Trump disqualified from 2024 ballot, Colorado court rules in insurrection case

Ruling calls for exclusion of Trump from Republican primary ballot, not general election, but appeal to Supreme Court could force all 50 states to follow suit

Donald Trump
Donald Trump

Colorado’s top court ruled on Tuesday that former President Donald J. Trump is disqualified from holding office again, because he engaged in insurrection with his actions leading up to the 6 January storming of the Capitol.

The Colorado Supreme Court was the first in the nation to find that Section 3 of the 14th Amendment — which disqualifies people who engage in insurrection against the Constitution after taking an oath to support it — applies to Trump.

The ruling directs the Colorado secretary of state to exclude Trump’s name from the state’s Republican primary ballot. It does not address the general election.

Trump’s campaign said immediately that it would appeal the decision to the U.S. Supreme Court. If Trump appeals before then, the hold will continue until the Supreme Court rules.

And while the ruling applies only to one state, it could all but force the nation’s highest court to decide the question for all 50.

If the justices take up the case, it will join a pile of other Trump-related matters they have agreed or are likely to decide, including whether he is immune from criminal prosecution for actions he took in office and the scope of an obstruction charge that is central to his federal Jan. 6 case.

The U.S. Supreme Court has a 6-to-3 conservative majority, with three justices appointed by Trump himself, and it is already under extraordinary political pressure and scrutiny both for its rulings and its justices’ ethics.

The Colorado court also affirmed a Denver district judge’s finding last month that Trump’s actions before and on Jan. 6, 2021, constituted engaging in insurrection, and that courts had the authority to enforce Section 3 against a person whom Congress had not specifically designated.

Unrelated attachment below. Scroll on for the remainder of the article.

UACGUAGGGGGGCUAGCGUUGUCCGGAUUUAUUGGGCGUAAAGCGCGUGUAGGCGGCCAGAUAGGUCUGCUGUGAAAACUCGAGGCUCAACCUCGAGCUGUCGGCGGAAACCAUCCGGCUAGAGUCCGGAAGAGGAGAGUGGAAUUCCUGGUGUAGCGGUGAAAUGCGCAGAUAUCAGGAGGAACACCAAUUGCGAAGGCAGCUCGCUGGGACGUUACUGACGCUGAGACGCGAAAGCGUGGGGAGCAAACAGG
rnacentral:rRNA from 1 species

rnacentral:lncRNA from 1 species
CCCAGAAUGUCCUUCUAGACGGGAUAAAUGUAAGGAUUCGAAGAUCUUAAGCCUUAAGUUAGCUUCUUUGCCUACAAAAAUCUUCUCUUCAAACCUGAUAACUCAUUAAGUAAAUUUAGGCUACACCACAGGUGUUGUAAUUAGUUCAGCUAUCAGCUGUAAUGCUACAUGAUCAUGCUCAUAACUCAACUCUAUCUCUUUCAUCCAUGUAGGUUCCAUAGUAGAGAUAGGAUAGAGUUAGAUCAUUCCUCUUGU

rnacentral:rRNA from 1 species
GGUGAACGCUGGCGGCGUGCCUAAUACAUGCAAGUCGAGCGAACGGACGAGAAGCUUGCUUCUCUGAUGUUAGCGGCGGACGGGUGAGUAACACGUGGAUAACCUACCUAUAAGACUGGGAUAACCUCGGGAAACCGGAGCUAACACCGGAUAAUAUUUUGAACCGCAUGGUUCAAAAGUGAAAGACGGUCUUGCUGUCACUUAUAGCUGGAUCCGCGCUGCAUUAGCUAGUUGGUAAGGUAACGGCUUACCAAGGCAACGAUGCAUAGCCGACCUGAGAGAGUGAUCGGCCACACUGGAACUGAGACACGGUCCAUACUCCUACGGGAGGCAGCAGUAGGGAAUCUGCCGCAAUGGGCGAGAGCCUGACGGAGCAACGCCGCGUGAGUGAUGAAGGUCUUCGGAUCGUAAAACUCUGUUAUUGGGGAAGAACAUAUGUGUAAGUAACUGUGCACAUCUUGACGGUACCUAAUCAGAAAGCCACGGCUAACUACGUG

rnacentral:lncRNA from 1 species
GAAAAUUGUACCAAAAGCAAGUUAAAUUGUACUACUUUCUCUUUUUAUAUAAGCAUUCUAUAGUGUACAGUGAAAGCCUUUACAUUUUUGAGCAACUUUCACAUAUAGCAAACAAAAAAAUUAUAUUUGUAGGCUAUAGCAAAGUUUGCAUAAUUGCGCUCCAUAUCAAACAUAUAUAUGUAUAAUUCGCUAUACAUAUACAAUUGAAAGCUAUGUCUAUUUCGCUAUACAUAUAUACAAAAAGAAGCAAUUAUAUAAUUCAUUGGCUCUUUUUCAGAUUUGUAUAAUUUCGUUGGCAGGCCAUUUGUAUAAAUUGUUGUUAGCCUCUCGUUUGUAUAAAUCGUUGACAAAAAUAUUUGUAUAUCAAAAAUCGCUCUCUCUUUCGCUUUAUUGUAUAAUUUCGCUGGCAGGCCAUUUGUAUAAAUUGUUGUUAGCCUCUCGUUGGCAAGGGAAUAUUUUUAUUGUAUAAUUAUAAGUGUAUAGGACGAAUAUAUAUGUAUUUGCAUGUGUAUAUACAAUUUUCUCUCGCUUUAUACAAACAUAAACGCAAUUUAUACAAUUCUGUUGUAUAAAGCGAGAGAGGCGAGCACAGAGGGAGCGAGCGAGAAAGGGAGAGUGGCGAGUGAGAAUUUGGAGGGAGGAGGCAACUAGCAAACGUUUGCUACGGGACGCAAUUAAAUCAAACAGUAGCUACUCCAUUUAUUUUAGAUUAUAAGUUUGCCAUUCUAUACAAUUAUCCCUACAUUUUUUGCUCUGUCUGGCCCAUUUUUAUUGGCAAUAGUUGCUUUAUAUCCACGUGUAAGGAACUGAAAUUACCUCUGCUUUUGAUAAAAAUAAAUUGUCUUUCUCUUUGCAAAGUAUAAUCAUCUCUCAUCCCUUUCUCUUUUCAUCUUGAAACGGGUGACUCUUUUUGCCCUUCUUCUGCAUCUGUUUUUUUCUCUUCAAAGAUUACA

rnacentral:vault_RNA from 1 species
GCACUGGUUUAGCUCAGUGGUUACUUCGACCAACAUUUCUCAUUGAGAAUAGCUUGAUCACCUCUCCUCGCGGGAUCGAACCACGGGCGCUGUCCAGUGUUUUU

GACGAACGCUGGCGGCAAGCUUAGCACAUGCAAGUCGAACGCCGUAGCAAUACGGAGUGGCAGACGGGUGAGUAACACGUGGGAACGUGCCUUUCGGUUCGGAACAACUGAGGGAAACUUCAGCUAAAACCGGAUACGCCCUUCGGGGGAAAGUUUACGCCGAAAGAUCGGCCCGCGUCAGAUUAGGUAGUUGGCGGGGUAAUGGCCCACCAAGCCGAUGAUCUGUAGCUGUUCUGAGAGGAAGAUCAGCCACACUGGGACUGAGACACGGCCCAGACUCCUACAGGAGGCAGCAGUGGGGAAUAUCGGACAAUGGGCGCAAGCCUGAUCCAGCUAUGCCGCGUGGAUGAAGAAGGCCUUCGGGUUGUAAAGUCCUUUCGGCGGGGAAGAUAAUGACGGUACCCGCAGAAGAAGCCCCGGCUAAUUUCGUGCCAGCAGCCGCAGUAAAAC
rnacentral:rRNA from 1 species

Judge Sarah B. Wallace, who made the district court ruling in Colorado, said that because Section 3 enumerates several offices but not the presidency, and because the presidential oath is worded differently from the oaths of the enumerated offices, she concluded that the broad phrase “officers of the United States” was not intended to include the presidency.

The Colorado Supreme Court disagreed. “We do not place the same weight the district court did on the fact that the presidency is not specifically mentioned in Section 3,” the majority wrote. “It seems most likely that the presidency is not specifically included because it is so evidently an ‘office.’”

Trump’s campaign denounced the ruling, by dubbing the justices as an “all-Democrat appointed Colorado Supreme Court” that had supported “a Soros-funded, left-wing group’s scheme to interfere in an election on behalf of Crooked Joe Biden by removing President Trump’s name from the ballot and eliminating the rights of Colorado voters to vote for the candidate of their choice.”

Similar lawsuits in Minnesota and New Hampshire have been dismissed on procedural grounds.